Paul Morse/White House
President Bush toured a nuclear power plant in June to build support for the new law.
President Bush says the new energy bill won't bring down gasoline prices right away but would make a contribution to long-term energy independence. The president interrupted his vacation in Texas to visit the Sandia laboratory near Albuquerque, N.M., where he signed the bill into law.
President Bush said the $14.5 billion energy bill, which he first proposed four years ago, offers comprehensive ways to conserve energy and fund research into new, cleaner sources. Critics staged a rally to coincide with the signing, calling the new legislation a gift for oil and natural gas producers.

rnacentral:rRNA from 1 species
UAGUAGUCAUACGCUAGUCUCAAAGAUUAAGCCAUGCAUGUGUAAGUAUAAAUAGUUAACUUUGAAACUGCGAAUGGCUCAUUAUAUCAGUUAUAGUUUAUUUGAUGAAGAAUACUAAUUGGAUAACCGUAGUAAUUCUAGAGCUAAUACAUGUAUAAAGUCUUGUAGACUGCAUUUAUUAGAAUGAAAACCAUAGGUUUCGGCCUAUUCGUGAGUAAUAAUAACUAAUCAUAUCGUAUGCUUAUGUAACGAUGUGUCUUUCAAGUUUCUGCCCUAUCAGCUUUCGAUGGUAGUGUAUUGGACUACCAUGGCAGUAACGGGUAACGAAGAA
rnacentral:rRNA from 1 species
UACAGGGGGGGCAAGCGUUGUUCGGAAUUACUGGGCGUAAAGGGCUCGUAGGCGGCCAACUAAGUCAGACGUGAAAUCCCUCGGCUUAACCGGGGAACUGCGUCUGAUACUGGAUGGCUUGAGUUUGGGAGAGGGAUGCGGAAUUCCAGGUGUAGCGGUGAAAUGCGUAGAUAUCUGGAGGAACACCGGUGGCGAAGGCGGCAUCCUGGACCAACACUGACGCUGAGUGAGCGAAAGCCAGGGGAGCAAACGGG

At the Sandia National Laboratories, Bush toured a solar thermal test facility, a dusty field with enormous solar collecting mirrors. At a time when many Americans are concerned about how much it costs to fill up their cars, though, the president made clear the bill is no quick fix.
The president said issues involving gasoline prices and oil supplies "have developed over decades. It will take years of focused effort to alleviate those problems."
Responding to critics who have portrayed the bill as being too soft on environmental regulation in favor of large energy companies, President Bush cited the bill's funding for research into "clean-coal" technology, meant to lower emissions from coal-fueled power plants.